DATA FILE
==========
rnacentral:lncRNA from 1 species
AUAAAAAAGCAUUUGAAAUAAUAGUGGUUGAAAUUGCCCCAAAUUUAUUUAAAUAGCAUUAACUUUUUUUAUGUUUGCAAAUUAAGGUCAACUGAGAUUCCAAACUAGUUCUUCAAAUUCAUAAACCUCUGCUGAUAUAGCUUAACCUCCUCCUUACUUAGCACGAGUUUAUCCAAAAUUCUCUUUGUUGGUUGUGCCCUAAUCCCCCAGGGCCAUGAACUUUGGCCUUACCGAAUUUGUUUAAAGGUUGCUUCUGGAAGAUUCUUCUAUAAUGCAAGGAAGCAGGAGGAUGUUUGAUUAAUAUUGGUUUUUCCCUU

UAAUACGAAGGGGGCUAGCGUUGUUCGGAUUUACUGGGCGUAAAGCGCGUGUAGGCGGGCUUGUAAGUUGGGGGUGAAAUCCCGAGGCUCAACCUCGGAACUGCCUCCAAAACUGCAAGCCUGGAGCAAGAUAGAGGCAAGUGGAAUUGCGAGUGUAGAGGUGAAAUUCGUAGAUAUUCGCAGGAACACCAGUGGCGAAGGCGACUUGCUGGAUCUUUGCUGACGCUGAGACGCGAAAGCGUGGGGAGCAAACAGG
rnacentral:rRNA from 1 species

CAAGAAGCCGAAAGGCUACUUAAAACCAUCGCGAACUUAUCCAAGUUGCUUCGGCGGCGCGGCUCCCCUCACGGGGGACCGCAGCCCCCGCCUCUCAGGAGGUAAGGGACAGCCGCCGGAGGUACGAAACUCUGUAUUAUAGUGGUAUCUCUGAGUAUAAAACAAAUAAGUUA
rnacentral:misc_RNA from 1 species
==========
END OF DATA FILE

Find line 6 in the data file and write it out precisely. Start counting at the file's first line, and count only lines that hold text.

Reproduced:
rnacentral:misc_RNA from 1 species